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As part of its response to the COVID-19 pandemic, the Federal Government is allowing those individuals who are adversely effected to have early access to a maximum of $10,000 of their super balances in the 2020-21 financial year (having already allowed a maximum of $10,000 in early withdrawals to those individuals in the previous financial year).
When considering an early withdrawal, eligible individuals must turn their mind to a variety of factors. Furthermore, penalties for unlawful early withdrawals are substantial.Ari Armstrong, Maddocks Lawyers
Ordinarily, the soonest an individual can begin to access their super balance is when they reach their preservation age and retire. However, given many individuals are now experiencing job losses and/or a loss of income due to the COVID-19 pandemic, there is a need for those individuals to have that money now in order to meet immediate living expenses.
Early access is available to super fund members who are in the accumulation phase (not the pension phase).
You should ensure your SMSF Trust Deed does not restrict the ability to gain early release of super under the COVID-19 early access scheme. Cleardocs has a general allowance for withdrawals permitted by law, but also updated its master documents recently for the SMSF and pension products to specifically take this allowance into account. These products can be accessed on the Cleardocs website.
In order for an individual to be eligible, the person must first be an Australian citizen or permanent resident of Australia and New Zealand.
There main categories of eligibility set out in regulation 6.19B of the Superannuation Industry (Supervision) Regulations 1994 are:
It is important to note that early access is unavailable to partners in a partnership unless the partner is unemployed or entitled to receive the benefits listed at point 2 above.
In the event that the eligible person has multiple super funds, they may withdraw from multiple funds, provided the gross amount withdrawn from all the funds does not exceed $10,000.
When applying for early access, the person does not apply to their super fund, but to the ATO via the MyGov website. They do not need to attach evidence to support the application, but they must make a declaration that they are eligible. However, the person should keep records and documents which substantiate eligibility, in case the ATO chooses to audit the person's eligibility.
In the case of SMSFs, once the ATO has issued the member with a determination advising them that they are eligible to make an early withdrawal, the member should forward this determination to the SMSF trustee who is then authorised to release the amount stated in the determination.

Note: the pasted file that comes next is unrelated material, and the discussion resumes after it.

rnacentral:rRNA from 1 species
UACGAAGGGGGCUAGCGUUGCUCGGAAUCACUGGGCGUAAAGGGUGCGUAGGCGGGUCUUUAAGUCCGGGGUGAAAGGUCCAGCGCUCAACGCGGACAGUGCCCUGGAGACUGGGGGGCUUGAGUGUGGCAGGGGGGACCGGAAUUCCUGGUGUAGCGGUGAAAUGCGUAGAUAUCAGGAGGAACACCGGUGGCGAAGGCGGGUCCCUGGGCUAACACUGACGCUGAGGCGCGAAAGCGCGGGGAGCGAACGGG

Individuals can apply for the early release of super for COVID-19 purposes even if they have previously accessed their super early in other circumstances (such as financial hardship).
The main benefit with the early access scheme is that the lump sum withdrawal will not be taxed and the member has no restrictions on how they choose to spend the money. They may even choose to recontribute some of the amount back into the super fund if they don't end up using the full amount.
Beyond that, aside from the obvious benefit of being able to meet immediate living expenses and ease current financial stress, there is little benefit to accessing super early.
Although super balances fluctuate, the compounding nature of super as well the low tax environment in which super balances exist, means that in all likelihood, the $10,000 withdrawn now will be worth more if the money is left in super. Independent financial advice should be sought when considering a decision like this.
Another consideration is that income protection and life insurance which are held within the super fund may not be available on accounts with a very low balance.
Given the ease of lodging an application, some unscrupulous members may be tempted to access their super without meeting the eligibility criteria. However, significant penalties apply to those who illegally access super early.
Section 68B of the Superannuation Industry (Supervision) Act 1993 (Cth) (SIS Act) states that a person must not promote a scheme which will result in a payment from a fund being made otherwise than in accordance with the approved payment standards. A breach of this section results in civil and criminal penalties, including significant fines of up to $504,000 and terms of imprisonment of up to five years. Corporate trustees may be fined up to $2.52 million.
An SMSF trustee who partakes in such scheme, will also incur higher taxes and additional penalties that may disqualify them from being able to operate as a trustee of an SMSF.
In the event that an individual applies for early release without meeting the eligibility criteria, individuals should contact the ATO immediately. A voluntary disclosure of the breach, as well as an explanation of the circumstances surrounding the improper early release, will be taken into account by the ATO when determining whether to issue a penalty and the amount of the penalty.
For more information, contact Maddocks on (03) 9258 3555 and ask to speak to a member of the Commercial team.
You can read earlier ClearLaw articles on a range of topics, such as:
Paul is a Special Counsel in the Maddocks Commercial team with particular expertise in commercial agreements for the supply of goods and/or services, the Personal Property Securities Act 2009, the National Consumer Credit Protection Act 2009 and the National Credit Code and the Australian Consumer Law.
Paul's key areas of practice include:
Before joining Maddocks, Paul was employed for 13 years with the Victorian Department of Justice, principally as a Deputy Registrar in the Victorian Magistrate's Court, but also as a legislation, policy and project officer for the Department.
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